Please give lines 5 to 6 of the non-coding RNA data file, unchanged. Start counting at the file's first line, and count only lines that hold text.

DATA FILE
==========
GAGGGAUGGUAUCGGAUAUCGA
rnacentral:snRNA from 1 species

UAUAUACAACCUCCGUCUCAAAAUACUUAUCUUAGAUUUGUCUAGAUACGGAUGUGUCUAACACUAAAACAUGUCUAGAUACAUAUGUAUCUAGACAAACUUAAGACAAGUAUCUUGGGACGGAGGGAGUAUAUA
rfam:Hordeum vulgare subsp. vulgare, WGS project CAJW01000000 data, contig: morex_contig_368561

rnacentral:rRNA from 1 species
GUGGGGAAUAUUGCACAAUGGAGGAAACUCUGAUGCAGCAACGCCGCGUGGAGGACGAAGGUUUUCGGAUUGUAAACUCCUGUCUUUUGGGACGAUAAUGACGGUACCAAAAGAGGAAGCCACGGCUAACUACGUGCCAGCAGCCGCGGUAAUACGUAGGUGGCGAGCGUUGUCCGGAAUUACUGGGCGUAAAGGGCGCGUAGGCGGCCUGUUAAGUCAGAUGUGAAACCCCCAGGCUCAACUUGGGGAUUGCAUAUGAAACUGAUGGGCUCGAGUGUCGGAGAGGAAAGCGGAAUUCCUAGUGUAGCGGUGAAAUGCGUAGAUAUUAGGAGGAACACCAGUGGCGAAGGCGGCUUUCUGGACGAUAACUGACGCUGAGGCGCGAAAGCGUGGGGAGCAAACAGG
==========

rnacentral:rRNA from 1 species
GUGGGGAAUAUUGCACAAUGGAGGAAACUCUGAUGCAGCAACGCCGCGUGGAGGACGAAGGUUUUCGGAUUGUAAACUCCUGUCUUUUGGGACGAUAAUGACGGUACCAAAAGAGGAAGCCACGGCUAACUACGUGCCAGCAGCCGCGGUAAUACGUAGGUGGCGAGCGUUGUCCGGAAUUACUGGGCGUAAAGGGCGCGUAGGCGGCCUGUUAAGUCAGAUGUGAAACCCCCAGGCUCAACUUGGGGAUUGCAUAUGAAACUGAUGGGCUCGAGUGUCGGAGAGGAAAGCGGAAUUCCUAGUGUAGCGGUGAAAUGCGUAGAUAUUAGGAGGAACACCAGUGGCGAAGGCGGCUUUCUGGACGAUAACUGACGCUGAGGCGCGAAAGCGUGGGGAGCAAACAGG